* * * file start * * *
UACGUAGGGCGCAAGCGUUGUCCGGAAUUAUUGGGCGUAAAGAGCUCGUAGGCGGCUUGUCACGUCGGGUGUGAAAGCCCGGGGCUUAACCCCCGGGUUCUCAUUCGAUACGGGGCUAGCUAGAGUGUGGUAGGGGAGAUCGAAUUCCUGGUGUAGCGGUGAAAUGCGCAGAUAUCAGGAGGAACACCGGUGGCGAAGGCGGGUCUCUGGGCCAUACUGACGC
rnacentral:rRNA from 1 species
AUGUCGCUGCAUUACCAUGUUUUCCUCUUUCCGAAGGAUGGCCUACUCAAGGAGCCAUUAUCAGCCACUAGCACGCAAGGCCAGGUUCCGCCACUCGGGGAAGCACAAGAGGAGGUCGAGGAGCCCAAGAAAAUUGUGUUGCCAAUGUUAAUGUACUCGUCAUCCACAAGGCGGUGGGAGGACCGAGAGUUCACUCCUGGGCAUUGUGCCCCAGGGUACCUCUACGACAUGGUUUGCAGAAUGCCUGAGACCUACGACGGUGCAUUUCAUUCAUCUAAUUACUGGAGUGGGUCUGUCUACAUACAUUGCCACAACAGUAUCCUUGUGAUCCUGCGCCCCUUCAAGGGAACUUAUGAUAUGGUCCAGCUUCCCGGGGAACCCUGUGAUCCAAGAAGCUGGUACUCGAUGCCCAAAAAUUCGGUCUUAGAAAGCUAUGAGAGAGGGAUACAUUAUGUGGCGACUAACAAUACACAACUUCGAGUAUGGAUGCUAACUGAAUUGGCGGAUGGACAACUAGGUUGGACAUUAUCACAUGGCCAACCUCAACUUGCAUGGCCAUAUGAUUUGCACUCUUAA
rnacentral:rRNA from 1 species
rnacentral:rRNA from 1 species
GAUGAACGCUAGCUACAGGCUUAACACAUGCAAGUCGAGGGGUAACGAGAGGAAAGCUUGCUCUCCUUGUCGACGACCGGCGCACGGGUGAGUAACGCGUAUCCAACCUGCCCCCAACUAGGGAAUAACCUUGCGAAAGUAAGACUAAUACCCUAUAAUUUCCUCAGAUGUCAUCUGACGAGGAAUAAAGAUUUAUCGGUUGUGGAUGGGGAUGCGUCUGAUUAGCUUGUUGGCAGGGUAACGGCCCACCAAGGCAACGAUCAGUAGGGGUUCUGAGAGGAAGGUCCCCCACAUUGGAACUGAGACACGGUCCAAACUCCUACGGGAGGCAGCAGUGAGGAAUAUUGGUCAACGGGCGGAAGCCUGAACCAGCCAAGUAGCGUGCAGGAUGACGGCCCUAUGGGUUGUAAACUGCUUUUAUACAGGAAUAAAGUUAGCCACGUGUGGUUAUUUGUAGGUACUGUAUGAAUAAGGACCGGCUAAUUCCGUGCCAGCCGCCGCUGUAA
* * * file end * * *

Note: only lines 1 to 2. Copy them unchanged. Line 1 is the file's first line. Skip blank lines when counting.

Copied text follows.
UACGUAGGGCGCAAGCGUUGUCCGGAAUUAUUGGGCGUAAAGAGCUCGUAGGCGGCUUGUCACGUCGGGUGUGAAAGCCCGGGGCUUAACCCCCGGGUUCUCAUUCGAUACGGGGCUAGCUAGAGUGUGGUAGGGGAGAUCGAAUUCCUGGUGUAGCGGUGAAAUGCGCAGAUAUCAGGAGGAACACCGGUGGCGAAGGCGGGUCUCUGGGCCAUACUGACGC
rnacentral:rRNA from 1 species